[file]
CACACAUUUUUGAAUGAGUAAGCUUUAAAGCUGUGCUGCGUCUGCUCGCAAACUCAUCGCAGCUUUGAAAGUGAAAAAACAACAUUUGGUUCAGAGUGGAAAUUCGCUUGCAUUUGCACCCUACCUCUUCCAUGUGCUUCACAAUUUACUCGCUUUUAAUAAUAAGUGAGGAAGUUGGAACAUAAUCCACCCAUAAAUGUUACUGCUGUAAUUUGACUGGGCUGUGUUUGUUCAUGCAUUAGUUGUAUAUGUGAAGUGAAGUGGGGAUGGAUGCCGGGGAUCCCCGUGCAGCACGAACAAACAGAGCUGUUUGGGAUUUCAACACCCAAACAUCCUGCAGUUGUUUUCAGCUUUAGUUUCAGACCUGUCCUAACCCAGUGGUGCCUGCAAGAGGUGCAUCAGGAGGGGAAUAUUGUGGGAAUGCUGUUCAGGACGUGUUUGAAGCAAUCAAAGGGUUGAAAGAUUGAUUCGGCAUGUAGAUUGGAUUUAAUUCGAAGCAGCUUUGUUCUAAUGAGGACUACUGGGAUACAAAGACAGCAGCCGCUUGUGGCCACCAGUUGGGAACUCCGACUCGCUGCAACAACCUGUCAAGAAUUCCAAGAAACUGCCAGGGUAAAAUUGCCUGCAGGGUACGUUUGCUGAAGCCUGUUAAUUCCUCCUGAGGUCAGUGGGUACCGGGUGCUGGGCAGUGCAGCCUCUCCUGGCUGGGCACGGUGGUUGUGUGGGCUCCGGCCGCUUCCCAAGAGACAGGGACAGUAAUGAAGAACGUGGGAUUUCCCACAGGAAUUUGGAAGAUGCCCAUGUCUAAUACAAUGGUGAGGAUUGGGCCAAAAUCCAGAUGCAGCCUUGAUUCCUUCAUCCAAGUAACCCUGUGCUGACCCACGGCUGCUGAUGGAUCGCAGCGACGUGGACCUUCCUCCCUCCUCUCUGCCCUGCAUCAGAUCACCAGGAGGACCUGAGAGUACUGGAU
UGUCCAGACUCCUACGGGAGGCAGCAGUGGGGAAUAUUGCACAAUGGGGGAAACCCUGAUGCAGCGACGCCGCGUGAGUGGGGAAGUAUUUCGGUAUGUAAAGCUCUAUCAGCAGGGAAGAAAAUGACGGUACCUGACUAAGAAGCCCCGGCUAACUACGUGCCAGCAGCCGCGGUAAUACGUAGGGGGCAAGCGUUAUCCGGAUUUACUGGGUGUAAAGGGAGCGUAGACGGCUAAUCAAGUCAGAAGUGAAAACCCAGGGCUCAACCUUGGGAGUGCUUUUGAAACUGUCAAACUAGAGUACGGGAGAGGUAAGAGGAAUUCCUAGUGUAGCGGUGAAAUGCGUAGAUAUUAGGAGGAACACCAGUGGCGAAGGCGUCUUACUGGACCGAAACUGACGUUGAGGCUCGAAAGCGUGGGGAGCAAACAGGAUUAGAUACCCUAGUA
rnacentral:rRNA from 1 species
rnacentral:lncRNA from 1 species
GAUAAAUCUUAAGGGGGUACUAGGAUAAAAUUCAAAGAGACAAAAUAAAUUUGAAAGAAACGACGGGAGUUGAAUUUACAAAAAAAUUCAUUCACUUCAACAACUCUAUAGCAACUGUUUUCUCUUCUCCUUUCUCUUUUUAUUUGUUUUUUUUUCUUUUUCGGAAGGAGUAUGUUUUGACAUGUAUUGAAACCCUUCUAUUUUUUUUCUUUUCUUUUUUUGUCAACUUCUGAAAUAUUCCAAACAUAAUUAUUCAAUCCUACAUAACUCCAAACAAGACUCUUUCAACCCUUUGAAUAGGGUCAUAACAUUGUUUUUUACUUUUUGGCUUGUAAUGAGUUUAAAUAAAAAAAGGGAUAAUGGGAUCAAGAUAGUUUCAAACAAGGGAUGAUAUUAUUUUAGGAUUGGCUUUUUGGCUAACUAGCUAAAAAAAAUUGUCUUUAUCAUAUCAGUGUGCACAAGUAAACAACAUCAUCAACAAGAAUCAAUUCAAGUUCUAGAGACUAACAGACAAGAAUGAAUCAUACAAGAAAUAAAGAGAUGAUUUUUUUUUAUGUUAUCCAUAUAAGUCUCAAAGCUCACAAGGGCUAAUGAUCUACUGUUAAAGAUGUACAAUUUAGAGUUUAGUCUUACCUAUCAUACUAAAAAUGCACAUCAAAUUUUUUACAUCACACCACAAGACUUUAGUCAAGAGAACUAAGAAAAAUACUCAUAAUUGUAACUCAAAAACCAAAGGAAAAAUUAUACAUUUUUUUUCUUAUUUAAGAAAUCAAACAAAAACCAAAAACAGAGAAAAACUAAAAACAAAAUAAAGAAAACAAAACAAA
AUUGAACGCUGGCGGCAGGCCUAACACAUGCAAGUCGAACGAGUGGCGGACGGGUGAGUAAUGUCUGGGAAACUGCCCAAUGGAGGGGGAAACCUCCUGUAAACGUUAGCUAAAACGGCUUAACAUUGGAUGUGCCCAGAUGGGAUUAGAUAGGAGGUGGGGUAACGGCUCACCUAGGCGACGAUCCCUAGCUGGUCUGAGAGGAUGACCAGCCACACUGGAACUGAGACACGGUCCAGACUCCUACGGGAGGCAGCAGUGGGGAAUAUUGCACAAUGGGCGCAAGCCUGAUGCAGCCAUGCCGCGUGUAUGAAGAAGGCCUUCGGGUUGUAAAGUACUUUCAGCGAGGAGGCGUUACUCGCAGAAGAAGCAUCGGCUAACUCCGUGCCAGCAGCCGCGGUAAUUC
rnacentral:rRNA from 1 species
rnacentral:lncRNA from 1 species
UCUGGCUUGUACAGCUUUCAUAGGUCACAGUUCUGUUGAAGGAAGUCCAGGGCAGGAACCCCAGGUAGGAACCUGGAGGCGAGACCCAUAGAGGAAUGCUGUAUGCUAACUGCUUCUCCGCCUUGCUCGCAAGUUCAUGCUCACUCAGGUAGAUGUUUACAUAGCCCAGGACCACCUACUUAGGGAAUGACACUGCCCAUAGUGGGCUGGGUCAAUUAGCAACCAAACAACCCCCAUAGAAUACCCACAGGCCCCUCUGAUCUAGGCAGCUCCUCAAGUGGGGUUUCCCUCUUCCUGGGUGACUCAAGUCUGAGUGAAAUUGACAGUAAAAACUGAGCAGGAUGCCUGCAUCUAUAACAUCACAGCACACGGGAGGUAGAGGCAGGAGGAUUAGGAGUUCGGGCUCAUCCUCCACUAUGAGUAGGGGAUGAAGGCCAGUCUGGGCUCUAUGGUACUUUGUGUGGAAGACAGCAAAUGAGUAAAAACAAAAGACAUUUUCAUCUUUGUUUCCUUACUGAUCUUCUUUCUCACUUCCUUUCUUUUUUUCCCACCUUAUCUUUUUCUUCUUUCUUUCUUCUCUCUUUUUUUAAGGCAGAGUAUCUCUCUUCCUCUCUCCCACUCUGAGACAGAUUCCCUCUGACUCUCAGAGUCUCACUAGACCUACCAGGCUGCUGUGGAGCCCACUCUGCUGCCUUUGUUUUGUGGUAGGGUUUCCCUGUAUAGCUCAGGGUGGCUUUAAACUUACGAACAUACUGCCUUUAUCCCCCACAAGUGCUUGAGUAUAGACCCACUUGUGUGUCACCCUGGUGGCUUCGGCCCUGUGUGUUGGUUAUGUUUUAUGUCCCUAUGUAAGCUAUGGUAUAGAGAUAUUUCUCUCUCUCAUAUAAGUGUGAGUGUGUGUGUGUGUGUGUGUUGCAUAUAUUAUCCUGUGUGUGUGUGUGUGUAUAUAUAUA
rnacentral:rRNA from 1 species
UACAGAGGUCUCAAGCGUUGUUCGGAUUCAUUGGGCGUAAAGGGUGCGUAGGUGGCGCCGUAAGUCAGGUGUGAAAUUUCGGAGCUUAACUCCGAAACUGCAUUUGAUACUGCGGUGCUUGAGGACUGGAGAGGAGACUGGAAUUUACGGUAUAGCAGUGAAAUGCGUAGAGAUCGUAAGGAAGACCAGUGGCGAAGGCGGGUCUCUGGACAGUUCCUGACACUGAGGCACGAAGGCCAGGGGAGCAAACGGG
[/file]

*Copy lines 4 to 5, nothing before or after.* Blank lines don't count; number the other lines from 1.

rnacentral:lncRNA from 1 species
GAUAAAUCUUAAGGGGGUACUAGGAUAAAAUUCAAAGAGACAAAAUAAAUUUGAAAGAAACGACGGGAGUUGAAUUUACAAAAAAAUUCAUUCACUUCAACAACUCUAUAGCAACUGUUUUCUCUUCUCCUUUCUCUUUUUAUUUGUUUUUUUUUCUUUUUCGGAAGGAGUAUGUUUUGACAUGUAUUGAAACCCUUCUAUUUUUUUUCUUUUCUUUUUUUGUCAACUUCUGAAAUAUUCCAAACAUAAUUAUUCAAUCCUACAUAACUCCAAACAAGACUCUUUCAACCCUUUGAAUAGGGUCAUAACAUUGUUUUUUACUUUUUGGCUUGUAAUGAGUUUAAAUAAAAAAAGGGAUAAUGGGAUCAAGAUAGUUUCAAACAAGGGAUGAUAUUAUUUUAGGAUUGGCUUUUUGGCUAACUAGCUAAAAAAAAUUGUCUUUAUCAUAUCAGUGUGCACAAGUAAACAACAUCAUCAACAAGAAUCAAUUCAAGUUCUAGAGACUAACAGACAAGAAUGAAUCAUACAAGAAAUAAAGAGAUGAUUUUUUUUUAUGUUAUCCAUAUAAGUCUCAAAGCUCACAAGGGCUAAUGAUCUACUGUUAAAGAUGUACAAUUUAGAGUUUAGUCUUACCUAUCAUACUAAAAAUGCACAUCAAAUUUUUUACAUCACACCACAAGACUUUAGUCAAGAGAACUAAGAAAAAUACUCAUAAUUGUAACUCAAAAACCAAAGGAAAAAUUAUACAUUUUUUUUCUUAUUUAAGAAAUCAAACAAAAACCAAAAACAGAGAAAAACUAAAAACAAAAUAAAGAAAACAAAACAAA